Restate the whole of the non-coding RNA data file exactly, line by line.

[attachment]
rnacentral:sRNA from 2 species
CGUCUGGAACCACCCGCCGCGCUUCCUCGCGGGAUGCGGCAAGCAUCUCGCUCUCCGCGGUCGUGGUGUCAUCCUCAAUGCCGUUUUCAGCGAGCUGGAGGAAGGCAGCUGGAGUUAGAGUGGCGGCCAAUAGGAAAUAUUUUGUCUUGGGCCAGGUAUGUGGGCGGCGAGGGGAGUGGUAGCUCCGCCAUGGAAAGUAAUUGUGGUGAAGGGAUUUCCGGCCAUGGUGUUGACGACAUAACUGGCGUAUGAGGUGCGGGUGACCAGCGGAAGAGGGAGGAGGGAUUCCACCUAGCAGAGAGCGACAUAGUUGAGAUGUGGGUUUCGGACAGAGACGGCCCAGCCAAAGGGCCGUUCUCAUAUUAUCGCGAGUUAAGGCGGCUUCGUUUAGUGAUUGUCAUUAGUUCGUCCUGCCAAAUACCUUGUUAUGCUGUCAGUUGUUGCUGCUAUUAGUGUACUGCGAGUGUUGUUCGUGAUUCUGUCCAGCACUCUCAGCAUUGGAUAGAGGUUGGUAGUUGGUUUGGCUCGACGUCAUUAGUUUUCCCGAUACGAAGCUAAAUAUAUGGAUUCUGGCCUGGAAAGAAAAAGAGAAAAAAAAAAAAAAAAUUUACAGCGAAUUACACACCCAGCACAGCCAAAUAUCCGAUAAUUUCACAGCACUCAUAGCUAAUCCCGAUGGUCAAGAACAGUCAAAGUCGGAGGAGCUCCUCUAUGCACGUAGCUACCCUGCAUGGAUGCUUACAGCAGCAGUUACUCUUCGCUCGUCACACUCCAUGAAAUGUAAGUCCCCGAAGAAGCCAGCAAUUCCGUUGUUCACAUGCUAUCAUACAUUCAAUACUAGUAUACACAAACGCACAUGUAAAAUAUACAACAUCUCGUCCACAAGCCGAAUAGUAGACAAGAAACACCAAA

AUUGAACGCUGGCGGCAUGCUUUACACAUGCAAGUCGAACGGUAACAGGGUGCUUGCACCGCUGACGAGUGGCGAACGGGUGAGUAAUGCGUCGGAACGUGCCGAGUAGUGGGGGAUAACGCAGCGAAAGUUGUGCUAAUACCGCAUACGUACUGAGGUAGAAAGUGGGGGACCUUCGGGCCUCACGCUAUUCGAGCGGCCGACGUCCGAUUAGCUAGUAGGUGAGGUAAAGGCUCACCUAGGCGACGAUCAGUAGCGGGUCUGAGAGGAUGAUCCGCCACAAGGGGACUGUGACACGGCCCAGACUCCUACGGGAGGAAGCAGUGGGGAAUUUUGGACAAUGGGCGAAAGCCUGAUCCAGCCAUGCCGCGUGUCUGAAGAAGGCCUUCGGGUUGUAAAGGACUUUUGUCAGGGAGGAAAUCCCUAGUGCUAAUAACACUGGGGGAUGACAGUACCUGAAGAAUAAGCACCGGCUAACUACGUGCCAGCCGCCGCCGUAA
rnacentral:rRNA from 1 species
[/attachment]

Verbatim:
rnacentral:sRNA from 2 species
CGUCUGGAACCACCCGCCGCGCUUCCUCGCGGGAUGCGGCAAGCAUCUCGCUCUCCGCGGUCGUGGUGUCAUCCUCAAUGCCGUUUUCAGCGAGCUGGAGGAAGGCAGCUGGAGUUAGAGUGGCGGCCAAUAGGAAAUAUUUUGUCUUGGGCCAGGUAUGUGGGCGGCGAGGGGAGUGGUAGCUCCGCCAUGGAAAGUAAUUGUGGUGAAGGGAUUUCCGGCCAUGGUGUUGACGACAUAACUGGCGUAUGAGGUGCGGGUGACCAGCGGAAGAGGGAGGAGGGAUUCCACCUAGCAGAGAGCGACAUAGUUGAGAUGUGGGUUUCGGACAGAGACGGCCCAGCCAAAGGGCCGUUCUCAUAUUAUCGCGAGUUAAGGCGGCUUCGUUUAGUGAUUGUCAUUAGUUCGUCCUGCCAAAUACCUUGUUAUGCUGUCAGUUGUUGCUGCUAUUAGUGUACUGCGAGUGUUGUUCGUGAUUCUGUCCAGCACUCUCAGCAUUGGAUAGAGGUUGGUAGUUGGUUUGGCUCGACGUCAUUAGUUUUCCCGAUACGAAGCUAAAUAUAUGGAUUCUGGCCUGGAAAGAAAAAGAGAAAAAAAAAAAAAAAAUUUACAGCGAAUUACACACCCAGCACAGCCAAAUAUCCGAUAAUUUCACAGCACUCAUAGCUAAUCCCGAUGGUCAAGAACAGUCAAAGUCGGAGGAGCUCCUCUAUGCACGUAGCUACCCUGCAUGGAUGCUUACAGCAGCAGUUACUCUUCGCUCGUCACACUCCAUGAAAUGUAAGUCCCCGAAGAAGCCAGCAAUUCCGUUGUUCACAUGCUAUCAUACAUUCAAUACUAGUAUACACAAACGCACAUGUAAAAUAUACAACAUCUCGUCCACAAGCCGAAUAGUAGACAAGAAACACCAAA

AUUGAACGCUGGCGGCAUGCUUUACACAUGCAAGUCGAACGGUAACAGGGUGCUUGCACCGCUGACGAGUGGCGAACGGGUGAGUAAUGCGUCGGAACGUGCCGAGUAGUGGGGGAUAACGCAGCGAAAGUUGUGCUAAUACCGCAUACGUACUGAGGUAGAAAGUGGGGGACCUUCGGGCCUCACGCUAUUCGAGCGGCCGACGUCCGAUUAGCUAGUAGGUGAGGUAAAGGCUCACCUAGGCGACGAUCAGUAGCGGGUCUGAGAGGAUGAUCCGCCACAAGGGGACUGUGACACGGCCCAGACUCCUACGGGAGGAAGCAGUGGGGAAUUUUGGACAAUGGGCGAAAGCCUGAUCCAGCCAUGCCGCGUGUCUGAAGAAGGCCUUCGGGUUGUAAAGGACUUUUGUCAGGGAGGAAAUCCCUAGUGCUAAUAACACUGGGGGAUGACAGUACCUGAAGAAUAAGCACCGGCUAACUACGUGCCAGCCGCCGCCGUAA
rnacentral:rRNA from 1 species